- BORN: September 22, 1957. Warracknabeal, Australia
- KEY COLLABORATORS: Blixa Bargeld, Phill Calvert, Martyn P. Casey, Warren Ellis, Mick Harvey, Rowland S. Howard, Tracy Pew, Jim Sclavunos.
- GENRES: New wave, punk, rock
- YEARS ACTIVE: 1978-present
NICK CAVE, AND LONGTIME BAD Seeds band-mate Mick Harvey first made an impact in early-’80s Melbourne. Their group The Birthday Party set tales of death, bats and car crashes to a kind of decapitated jazz-punk. The sleeves came with swastikas and titles like Drunk On The Pope’s Blood. Violence was routine, as was heroin. Yet, 25 years later, Cave and selected Bad Seeds played on the same bill as Ronnie Corbett. Prince Charles was guest of honour, watching as Cave and colleagues gave an elegant performance to mark the centenary of Sir John Betjeman’s birth. Between these two poles - between The Birthday Party and the Betjy party - sits one of the most impressive back catalogue of the post-punk generation. (continues below)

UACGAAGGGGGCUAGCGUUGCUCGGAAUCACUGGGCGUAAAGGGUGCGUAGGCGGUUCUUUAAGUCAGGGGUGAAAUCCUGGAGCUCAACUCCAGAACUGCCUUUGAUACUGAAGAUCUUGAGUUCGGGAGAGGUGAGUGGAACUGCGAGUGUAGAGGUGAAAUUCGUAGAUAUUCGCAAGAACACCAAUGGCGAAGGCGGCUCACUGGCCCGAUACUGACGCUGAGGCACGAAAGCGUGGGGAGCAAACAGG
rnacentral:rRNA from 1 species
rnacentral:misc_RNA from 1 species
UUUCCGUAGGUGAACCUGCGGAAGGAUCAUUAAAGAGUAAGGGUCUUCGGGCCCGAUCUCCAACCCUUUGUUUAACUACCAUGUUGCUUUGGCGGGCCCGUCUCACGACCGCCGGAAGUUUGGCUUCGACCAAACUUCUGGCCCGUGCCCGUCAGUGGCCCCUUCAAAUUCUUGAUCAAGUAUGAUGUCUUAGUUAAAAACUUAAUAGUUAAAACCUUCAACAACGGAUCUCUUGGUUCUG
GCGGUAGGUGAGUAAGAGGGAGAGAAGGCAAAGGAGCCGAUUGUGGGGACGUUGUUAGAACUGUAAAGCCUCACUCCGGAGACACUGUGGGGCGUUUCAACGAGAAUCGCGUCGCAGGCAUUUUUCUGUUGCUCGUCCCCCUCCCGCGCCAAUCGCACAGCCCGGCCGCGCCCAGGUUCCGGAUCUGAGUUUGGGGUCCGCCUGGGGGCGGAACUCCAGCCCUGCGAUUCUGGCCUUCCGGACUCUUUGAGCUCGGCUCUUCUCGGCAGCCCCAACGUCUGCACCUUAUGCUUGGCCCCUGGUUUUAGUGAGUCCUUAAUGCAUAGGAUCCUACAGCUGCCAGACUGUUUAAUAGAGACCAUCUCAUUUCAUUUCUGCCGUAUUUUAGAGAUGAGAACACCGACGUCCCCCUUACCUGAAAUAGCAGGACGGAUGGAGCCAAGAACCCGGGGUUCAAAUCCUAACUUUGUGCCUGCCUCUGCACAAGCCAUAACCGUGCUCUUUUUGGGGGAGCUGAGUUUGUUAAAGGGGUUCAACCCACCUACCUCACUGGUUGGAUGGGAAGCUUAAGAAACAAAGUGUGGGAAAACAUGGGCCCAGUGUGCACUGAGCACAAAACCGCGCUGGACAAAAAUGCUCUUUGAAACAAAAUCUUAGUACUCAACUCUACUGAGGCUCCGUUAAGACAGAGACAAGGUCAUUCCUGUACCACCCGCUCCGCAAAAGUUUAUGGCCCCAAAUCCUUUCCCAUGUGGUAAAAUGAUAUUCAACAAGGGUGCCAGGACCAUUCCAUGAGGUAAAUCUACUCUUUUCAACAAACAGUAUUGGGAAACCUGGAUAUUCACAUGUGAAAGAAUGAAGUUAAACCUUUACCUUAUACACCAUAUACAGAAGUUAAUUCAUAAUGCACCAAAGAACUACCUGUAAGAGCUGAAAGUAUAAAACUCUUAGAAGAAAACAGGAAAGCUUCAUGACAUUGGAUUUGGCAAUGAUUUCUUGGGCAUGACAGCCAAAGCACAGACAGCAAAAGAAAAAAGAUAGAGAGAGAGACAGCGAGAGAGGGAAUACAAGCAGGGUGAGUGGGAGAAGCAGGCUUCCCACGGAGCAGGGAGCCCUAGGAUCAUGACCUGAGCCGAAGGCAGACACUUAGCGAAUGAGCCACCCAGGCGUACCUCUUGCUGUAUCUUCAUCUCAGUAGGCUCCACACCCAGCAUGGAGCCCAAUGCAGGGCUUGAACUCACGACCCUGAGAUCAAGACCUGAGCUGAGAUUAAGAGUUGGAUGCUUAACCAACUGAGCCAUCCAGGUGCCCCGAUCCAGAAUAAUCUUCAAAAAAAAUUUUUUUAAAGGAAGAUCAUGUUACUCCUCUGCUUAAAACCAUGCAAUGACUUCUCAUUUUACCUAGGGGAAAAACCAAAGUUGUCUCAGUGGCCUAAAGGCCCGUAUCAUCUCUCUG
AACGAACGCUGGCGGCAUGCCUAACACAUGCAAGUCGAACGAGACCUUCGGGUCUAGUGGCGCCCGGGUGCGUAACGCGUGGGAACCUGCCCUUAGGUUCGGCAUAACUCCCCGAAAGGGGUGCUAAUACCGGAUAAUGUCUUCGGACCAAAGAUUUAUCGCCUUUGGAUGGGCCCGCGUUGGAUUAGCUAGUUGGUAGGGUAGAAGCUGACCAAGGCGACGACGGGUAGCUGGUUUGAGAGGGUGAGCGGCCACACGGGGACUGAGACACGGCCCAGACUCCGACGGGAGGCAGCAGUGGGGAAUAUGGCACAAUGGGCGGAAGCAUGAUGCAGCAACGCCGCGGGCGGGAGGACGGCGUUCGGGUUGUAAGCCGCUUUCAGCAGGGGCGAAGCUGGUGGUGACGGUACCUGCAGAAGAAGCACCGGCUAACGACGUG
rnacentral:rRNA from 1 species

TOP TEN ALBUMS
Cave and his collaborators have drawn on William Faulkner, William Shakespeare and Willie Dixon. Their work has been sung by both Kylie Monogue and Johnny Cash. But, this career is also distinguished in another way - in the simple fact that, over time, the records have got better rather than worse. Cave has been conspicuously assisted in this by his fellow players in the Bad Seeds - variable in line-up, rarely in quality. Mick Harvey was with Cave since school bands. Latterly, violinist Warren Ellis has become a key foil.
“Over time, the records have got better rather than worse.”
With Cave it really is difficult to exclude LPs from a career-best selection. The first two Bad Seeds LPs are intriguing, but primordial. The 2007 Grinderman album is a striking, distinctive thing, but it can maybe be accounted for by the Dig, Lazarus, Dig!!! album it led to. And that’s without even touching on the soundtracks for films including Ghosts... Of The Civil Dead, scored by Cave in collaboration, variously, with Harvey, Ellis and Blixa Bargeld.
As Premier League football managers are wont to say: it’s a nice problem to have.